After much planning, preparation and anticipation, 30 CFA volunteers from 22 brigades and six staff members from Districts 6, 15,16,17 and Headquarters completed burns at Minimay and The Little Desert Nature Lodge as part of a week-long burn camp.
The five burns successfully reduced fuel loads and protected biodiversity.
The burns were conducted in small mosaics across the grasslands and Mallee heath and interspersed among private land allotments. They offered members extensive training, mentoring and skills development. It also exposed members to fire in a controlled and safe environment.
DCO Alen Slijepcevic congratulated all the CFA members who took part in this successful burn camp.
“It was fantastic to see many brigades from different districts attend this camp. What was most pleasing was to hear about the skills and knowledge transfer that was occurring between members, the professionalism of the mentoring burn controllers and instructors and the debriefing that occurred after each burn,” Alen said.
“This camp was a great opportunity not just to learn and practise new skills but also to forge new connections for the future. Well done to you and to the organising team for running a successful burn camp this year.”
“The ‘total land management’ approach to understand soil, grasses and trees in relation to fire regimes was hugely valuable knowledge,” Daylesford brigade member Glenn Webster said. “The walk around the culturally significant area was a highlight. This knowledge of and respect for Indigenous land management is something we can all benefit from.”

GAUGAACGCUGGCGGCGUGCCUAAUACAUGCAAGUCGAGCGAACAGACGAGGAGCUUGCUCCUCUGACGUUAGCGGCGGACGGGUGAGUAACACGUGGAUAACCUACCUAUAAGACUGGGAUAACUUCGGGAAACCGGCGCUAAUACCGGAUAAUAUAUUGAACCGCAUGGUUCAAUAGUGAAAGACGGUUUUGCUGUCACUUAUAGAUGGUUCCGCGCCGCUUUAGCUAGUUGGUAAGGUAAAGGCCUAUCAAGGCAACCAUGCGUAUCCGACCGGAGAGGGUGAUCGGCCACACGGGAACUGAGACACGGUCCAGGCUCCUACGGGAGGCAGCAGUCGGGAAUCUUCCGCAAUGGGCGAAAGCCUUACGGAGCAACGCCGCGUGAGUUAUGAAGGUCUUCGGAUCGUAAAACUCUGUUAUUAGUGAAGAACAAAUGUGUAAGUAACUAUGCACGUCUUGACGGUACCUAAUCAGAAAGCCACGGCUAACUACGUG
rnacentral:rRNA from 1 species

“Being hands-on and not just theory develops and enhances all previous knowledge,” Daylesford brigade member Indre Kisonas said. “Reacting to changes in real time and experiencing a controlled burn is invaluable as we are learning every step of the way. Whether you’re a new or experienced firefighter, everybody will learn something.
“Let’s pass these time-honed skills onto the next generation”.
“It was great to see so many experienced members teaming up with those less experienced to help build on and reinforce their newly-acquired skills,” Planned Burning Instructor Mark Barrile said.
“It was great that we were able to sign off a few people at a few different levels of their burn controller development pathway as well as provide some effective instruction on the various skills required to achieve a successful planned burn.”
Congratulations to Horsham Fire Brigade Captain John St Clare and Wildfire Instructor Peter Cecil, who gained the CFA competency CR1 Burn Controller due to burns they delivered, which links in with the National Unit of Competency and their endorsement as a burn controller.
CFA Vegetation Management Officer Ian Morrison collaborated with Little Desert Nature Lodge, Bank Australia and Greening Australia to burn the site at Minimay.